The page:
The March/April cover article, "Call of the Congaree" by Rick Bass, clearly expressed the joy of discovering a special place. Bass said, "Thank God it is too mired and muddy, too wild and glorious, for us to get our roads into it." The Congaree is the "last significant stand of old-growth river-bottom hardwood" precisely because the others have been stripped bare by the tree cutters who long ago learned how to get into the mired and muddy. Without the Sierra Club and local volunteer leaders Jim Elder, Dick Watkins, Brion Blackwelder, and Ted Snyder, there would be no national monument for Bass to visit. They did it for a total out-of-pocket cost of $7,100, about 47 cents an acre. That, and years of hard work, brilliant leadership, and a passionate love for this place. Denny Shaffer
Sierra Club past president
Fayetteville, North Carolina
In the March/April issue there is a photo of a residential subdivision next to the headline "Ten Reasons Why Sprawl Is Hazardous to Your Health" ("Lay of the Land"). Is this picture supposed to epitomize sprawl? In terms of density, the subdivision is composed of lots no larger than 5,000 square feet, a density of eight to ten units per acre. Guidelines say this is the minimum needed to support bus-transit operations.
The density pictured, in conjunction with activity centers within walking distance and the open space that clearly surrounds it, is a fundamental component of "smart growth." If you had shown instead an aerial view of a suburban subdivision of 1.5-acre lots, which is the rule where I live in Chatham County, North Carolina, I wonder how many of your readers would have recognized it as truly automobile-dependent sprawl? Most, I fear, would have thought, "How attractive!" James Carnahan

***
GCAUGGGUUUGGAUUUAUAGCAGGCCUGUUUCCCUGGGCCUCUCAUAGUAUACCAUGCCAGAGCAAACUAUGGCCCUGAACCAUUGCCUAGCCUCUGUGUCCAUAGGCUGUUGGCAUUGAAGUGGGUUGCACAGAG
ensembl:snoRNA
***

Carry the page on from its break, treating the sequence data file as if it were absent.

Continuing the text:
Pittsboro, North Carolina
Editors note: In Las Vegas, where this picture was taken, urbanized areas grew 244 percent between 1982 and 1996, and the still-growing population is expected to double by 2020. So that open space in the background likely wont stay open for long.
HERES THE BEEF "Nothing to Beef About" is full of manure. The authors use of the oxymoron "conscientious meat-eater" betrays her lack of research on the environment, empathy for animals, and knowledge of the slaughterhouse. Organic grains, fed to cows, still require huge areas of land to grow them, and lots and lots of water. They cause topsoil erosion, habitat destruction, and even species extinction. If meat-eaters really want to do the best thing for our planet, it is time to make some changes. I find being vegan an ecological, compassionate, healthy, and delicious way to live. James Corcoran
Madison Heights, Michigan
In March/Aprils "Call of the Congaree," "alligator snapping turtles" should have read "common snapping turtles." Had the false chameleons on the boardwalk been sunning for long, they would have been green rather than brown; and blacksnakes do not in fact pose any danger to butterflies. In "Beauty and the Badlands," we misidentified rancher John Heiser as founder of the Badlands Conservation Alliance. That credit goes to Lillian Crook.
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